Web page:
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1

Kevin's Solution solved it for me, but the solution in the time domain is shifted in y by a value that depends on the max x value of the signal and the form of the signal itself. Edit: I just found the solution myself. It is shifted in y by the mean(y), so if I subtract mean(y)/2 of my ifft output I get the signal


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[Pictures to follow] Let us start with a thought experiment (which can be simulated): imagine a constant signal with value $c$. Add a full period of a pure sine with non-zero frequency. If you can remove this harmonic contribution by zeroing out its frequency bin in the Fourier domain, then the resulting inverse Fourier signal will still have mean $c$. So ...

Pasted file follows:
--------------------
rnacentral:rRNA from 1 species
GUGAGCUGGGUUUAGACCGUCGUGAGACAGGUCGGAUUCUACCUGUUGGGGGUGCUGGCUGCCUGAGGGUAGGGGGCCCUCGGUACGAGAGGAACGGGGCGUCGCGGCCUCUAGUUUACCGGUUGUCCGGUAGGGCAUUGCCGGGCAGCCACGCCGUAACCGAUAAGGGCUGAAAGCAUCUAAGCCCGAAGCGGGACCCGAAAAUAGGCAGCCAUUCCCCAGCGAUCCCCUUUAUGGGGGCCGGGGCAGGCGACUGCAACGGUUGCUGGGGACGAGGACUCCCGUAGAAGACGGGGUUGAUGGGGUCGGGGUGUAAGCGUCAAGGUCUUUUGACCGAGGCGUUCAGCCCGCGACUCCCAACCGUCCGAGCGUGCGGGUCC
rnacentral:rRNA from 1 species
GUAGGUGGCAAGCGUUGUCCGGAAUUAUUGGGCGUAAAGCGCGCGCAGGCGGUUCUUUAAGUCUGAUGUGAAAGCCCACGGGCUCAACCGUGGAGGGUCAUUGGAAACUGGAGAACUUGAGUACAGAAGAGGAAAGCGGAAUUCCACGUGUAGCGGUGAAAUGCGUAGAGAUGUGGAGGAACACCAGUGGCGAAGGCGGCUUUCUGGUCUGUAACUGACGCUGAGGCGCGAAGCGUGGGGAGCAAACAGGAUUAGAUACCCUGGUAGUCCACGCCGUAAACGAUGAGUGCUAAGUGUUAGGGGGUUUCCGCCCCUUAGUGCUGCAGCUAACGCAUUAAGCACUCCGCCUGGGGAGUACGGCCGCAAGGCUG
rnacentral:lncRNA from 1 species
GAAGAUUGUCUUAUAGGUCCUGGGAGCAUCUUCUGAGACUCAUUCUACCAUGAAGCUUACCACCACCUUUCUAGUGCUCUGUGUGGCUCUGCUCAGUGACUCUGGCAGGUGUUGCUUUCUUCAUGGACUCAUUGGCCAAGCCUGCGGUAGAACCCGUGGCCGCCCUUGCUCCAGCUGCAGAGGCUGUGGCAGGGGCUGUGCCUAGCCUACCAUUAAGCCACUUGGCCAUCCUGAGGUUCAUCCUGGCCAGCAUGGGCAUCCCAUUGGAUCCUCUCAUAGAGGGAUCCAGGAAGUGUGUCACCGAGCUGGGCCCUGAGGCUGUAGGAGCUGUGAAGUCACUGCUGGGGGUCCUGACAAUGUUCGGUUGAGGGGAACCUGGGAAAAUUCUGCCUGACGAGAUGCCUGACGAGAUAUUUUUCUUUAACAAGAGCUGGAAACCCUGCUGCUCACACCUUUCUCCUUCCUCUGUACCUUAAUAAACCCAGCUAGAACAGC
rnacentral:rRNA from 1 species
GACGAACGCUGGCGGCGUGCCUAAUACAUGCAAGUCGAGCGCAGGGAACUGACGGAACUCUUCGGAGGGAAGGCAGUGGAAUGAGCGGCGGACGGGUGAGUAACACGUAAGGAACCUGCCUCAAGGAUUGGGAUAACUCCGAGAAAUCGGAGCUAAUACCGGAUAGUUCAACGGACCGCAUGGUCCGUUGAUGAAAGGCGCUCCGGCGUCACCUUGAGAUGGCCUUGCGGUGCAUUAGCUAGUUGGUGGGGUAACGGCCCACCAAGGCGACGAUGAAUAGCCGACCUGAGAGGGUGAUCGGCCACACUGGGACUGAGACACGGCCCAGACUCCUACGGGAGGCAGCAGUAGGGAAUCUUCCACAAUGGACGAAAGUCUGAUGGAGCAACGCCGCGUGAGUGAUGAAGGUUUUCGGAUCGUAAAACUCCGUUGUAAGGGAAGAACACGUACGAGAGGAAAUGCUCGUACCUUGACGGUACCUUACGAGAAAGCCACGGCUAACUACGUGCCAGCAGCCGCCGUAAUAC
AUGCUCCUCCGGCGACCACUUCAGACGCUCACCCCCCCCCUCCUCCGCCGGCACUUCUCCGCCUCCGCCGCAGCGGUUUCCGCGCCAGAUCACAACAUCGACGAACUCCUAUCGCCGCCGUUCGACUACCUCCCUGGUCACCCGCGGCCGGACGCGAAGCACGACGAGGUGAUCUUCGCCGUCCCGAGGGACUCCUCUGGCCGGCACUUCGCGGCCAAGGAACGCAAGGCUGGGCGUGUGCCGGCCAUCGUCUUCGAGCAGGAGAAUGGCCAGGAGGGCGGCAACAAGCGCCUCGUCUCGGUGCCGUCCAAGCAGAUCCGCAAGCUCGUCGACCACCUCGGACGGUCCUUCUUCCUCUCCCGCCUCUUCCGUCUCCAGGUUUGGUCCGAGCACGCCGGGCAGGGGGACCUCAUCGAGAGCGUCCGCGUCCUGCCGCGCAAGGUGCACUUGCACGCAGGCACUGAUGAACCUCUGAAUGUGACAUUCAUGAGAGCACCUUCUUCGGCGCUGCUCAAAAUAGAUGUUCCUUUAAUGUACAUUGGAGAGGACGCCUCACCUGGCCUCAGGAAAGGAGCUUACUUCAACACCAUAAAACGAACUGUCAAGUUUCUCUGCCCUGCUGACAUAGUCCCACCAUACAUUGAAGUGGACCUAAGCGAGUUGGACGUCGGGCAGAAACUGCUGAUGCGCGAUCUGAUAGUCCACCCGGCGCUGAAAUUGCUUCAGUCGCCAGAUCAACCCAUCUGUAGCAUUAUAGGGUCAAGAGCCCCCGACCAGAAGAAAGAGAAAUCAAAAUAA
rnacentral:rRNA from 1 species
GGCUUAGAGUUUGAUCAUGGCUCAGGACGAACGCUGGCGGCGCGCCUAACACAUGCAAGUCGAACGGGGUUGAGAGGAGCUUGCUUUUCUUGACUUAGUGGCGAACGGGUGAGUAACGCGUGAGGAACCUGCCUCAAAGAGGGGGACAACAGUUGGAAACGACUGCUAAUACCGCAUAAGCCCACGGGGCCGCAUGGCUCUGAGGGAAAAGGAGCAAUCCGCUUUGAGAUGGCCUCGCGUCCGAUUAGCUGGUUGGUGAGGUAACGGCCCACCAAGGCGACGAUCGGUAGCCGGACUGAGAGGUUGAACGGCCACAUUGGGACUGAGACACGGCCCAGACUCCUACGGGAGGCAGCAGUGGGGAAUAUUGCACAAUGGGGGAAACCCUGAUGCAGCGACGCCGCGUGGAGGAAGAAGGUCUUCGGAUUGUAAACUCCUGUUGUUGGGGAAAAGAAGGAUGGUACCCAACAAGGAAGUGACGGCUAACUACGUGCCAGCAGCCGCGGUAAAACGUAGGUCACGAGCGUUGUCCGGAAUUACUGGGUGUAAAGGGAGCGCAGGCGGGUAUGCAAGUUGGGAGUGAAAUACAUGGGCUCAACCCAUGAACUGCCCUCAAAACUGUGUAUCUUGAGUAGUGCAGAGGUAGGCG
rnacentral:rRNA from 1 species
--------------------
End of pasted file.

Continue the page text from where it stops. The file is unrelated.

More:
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The magnitude of the FFT will likely scale by the number of samples N depending on the specific algorithm you use. So the IFFF will be 1/N. Just multiply your FFT bins by N to normalize it. If you use any windowing this will change the result accordingly


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For your sub-carrier formula, you forgot the $j$ in front of the $b_n$; without that, you lose all your data, because your real and imaginary parts get summed. Can't do that! The whole idea of complex equivalent baseband is that the real anand imaginary parts are independent; this does not only apply to OFDM, but to any baseband technique; for example, QPSK ...


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